California lawmakers quietly passed Friday the state’s most significant medical-marijuana legislation in almost two decades, but some leaders in the space worry that the law’s good intentions could get lost in the weeds. Paving the way for what supporters say is a much-needed regulatory framework for the state’s multibillion-dollar medical-cannabis industry, the California Senate and Assembly voted to approve the historic Medical Marijuana Regulation and Safety Act, which will require licenses for cannabis dispensaries and create a new state agency to oversee the industry.

Although California residents voted to approve medical marijuana back in 1996, a regulatory plan has until now eluded policymakers, who could not seem to agree on specifics. Legislators finally reached a compromise on three bills, which have been sent for final approval to Gov. Jerry Brown, who is expected to sign them into law. The legislation was approved as part of a comprehensive package pushed through on the final day of the 2015 session.

Despite the historic achievement, some leaders in the field expressed concerns about the implications of regulating an industry that has been unregulated for so long. Steve DeAngelo, co-founder of the ArcView Group, mammoth marijuana-investment firm, and the Harborside Health Center, a nonprofit dispensary in the state, said in a statement Saturday that the time pressures made it impossible for state legislators to adequately consider the impact the new law will have on patients who depend on medical cannabis.

“[S]ome of the language in the bill is unclear or may be in conflict with prior legislation,” said DeAngelo, also the health center’s executive director. He added that the center hopes to work with lawmakers in the next session to address and resolve what he called “outstanding issues.”

Meanwhile, lawmakers who approved the measure say they had waited long enough. “We knew it had to be done this year,” Assemblymember Rob Bonta, a Democrat who authored one of the bills, told the Tri-City Herald in Kennewick, Washington.

med-marijuana-calif A sign advertises a medical-marijuana dispensary at Venice Beach in Los Angeles. Photo: Reuters

Nipping Progress In The Bud

Although California was the first state to approve medical marijuana, supporters of progressive cannabis laws say the Golden State is at risk of being left behind at a time when the recreational use of the drug promises to spur huge industries in states such as Colorado and Washington. In Washington alone, legal pot sales generated more than $70 million in tax revenue for state and local governments in just one year, the Associated Press reported.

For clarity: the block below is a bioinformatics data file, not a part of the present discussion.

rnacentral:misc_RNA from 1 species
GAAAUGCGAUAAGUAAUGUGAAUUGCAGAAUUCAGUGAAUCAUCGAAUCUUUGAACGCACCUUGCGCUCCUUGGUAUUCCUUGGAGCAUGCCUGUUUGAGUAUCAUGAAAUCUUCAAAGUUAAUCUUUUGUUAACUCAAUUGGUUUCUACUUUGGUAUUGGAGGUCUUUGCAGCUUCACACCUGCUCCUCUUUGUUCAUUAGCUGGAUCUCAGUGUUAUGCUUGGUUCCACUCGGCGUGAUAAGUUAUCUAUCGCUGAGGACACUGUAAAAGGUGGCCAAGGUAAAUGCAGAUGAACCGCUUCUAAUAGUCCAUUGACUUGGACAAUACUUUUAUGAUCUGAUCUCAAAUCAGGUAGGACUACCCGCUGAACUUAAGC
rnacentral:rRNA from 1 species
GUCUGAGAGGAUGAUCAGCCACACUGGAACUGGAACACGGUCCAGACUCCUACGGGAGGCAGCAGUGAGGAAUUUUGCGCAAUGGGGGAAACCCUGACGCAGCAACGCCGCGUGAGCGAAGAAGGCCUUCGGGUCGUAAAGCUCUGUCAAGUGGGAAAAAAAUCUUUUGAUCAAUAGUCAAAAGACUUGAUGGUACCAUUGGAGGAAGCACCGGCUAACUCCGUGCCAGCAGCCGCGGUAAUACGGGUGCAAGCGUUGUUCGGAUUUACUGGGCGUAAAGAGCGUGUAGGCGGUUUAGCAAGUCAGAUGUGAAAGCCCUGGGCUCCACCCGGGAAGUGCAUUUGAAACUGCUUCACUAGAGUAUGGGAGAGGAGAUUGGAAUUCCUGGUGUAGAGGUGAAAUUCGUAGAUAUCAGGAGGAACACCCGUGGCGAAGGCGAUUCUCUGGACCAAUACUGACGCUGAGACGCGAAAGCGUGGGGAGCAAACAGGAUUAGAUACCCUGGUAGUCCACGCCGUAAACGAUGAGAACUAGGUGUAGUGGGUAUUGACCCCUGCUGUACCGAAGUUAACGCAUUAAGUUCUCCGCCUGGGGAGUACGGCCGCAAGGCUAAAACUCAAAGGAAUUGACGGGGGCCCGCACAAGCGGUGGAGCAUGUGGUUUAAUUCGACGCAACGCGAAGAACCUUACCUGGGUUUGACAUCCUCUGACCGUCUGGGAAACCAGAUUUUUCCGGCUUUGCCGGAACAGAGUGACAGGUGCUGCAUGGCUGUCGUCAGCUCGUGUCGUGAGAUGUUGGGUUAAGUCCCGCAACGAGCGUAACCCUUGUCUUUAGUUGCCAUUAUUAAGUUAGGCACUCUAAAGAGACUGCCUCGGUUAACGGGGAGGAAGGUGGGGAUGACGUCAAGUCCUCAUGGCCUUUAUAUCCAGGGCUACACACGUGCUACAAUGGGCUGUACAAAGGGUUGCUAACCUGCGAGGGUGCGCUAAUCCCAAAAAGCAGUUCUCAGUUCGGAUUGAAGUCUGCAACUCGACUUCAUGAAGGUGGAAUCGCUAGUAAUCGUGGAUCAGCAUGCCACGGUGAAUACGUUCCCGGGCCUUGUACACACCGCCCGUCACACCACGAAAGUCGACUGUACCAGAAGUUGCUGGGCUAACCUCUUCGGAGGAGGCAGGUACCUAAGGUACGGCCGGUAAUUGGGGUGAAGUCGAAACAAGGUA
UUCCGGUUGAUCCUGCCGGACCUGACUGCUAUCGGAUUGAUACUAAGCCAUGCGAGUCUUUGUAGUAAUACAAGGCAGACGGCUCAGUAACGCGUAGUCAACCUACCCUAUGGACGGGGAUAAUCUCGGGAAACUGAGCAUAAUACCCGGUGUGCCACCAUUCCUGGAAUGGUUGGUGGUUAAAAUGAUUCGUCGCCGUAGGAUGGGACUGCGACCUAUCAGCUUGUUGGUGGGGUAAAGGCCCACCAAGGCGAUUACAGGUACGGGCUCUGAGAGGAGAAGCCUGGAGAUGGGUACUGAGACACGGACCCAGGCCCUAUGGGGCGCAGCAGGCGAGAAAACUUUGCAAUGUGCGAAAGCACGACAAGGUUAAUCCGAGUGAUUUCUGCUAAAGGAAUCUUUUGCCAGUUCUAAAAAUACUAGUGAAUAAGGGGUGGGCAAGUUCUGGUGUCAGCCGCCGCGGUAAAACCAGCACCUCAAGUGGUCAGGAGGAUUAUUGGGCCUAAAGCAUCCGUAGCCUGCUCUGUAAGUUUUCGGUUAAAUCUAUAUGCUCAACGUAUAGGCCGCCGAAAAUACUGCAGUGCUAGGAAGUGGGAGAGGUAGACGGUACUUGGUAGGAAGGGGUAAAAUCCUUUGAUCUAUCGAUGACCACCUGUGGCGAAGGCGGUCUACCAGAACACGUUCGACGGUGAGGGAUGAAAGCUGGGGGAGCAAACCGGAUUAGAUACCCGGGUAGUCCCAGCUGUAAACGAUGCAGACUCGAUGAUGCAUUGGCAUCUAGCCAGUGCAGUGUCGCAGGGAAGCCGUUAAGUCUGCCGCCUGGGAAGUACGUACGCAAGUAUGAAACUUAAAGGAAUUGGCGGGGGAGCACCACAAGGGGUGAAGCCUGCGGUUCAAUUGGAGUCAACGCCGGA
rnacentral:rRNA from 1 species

A voter initiative to legalize marijuana in California is expected to appear on the ballot in November 2016. ReformCA, an initiative of the Coalition for Cannabis Policy Reform, has been building support for the cause for some time, and last year the Marijuana Policy Project, a national advocacy organization, filed paperwork with the secretary of state's office registering a campaign committee, as AP reported.

“We feel our pressure on them is what caused the [Legislature] to feel it had to act,” Dale Sky Jones, chairwoman of the Coalition for Cannabis Policy Reform,” told International Business Times in an email. “This pressure was very intentional.”

In the meantime, the legislation approved Friday would create -- in theory, at least -- a working template for how recreational marijuana might be regulated assuming it were to become legal. The bills will also allow for the creation of a new Bureau of Medical Marijuana Regulation within the Department of Consumer Affairs, which will oversee licenses.

Controversy or no, the historic significance of the new legislation is readily apparent. Some local media outlets, such as the Sacramento Bee, reported that one of the reasons for the delay was that lawmakers had been arguing over who would take credit for the new legislation. Let the trailblazing begin.

Christopher Zara covers media and culture. News tips? Email me. Follow me on Twitter @christopherzara.

This story has been updated to reflect input from the Coalition for Cannabis Policy Reform.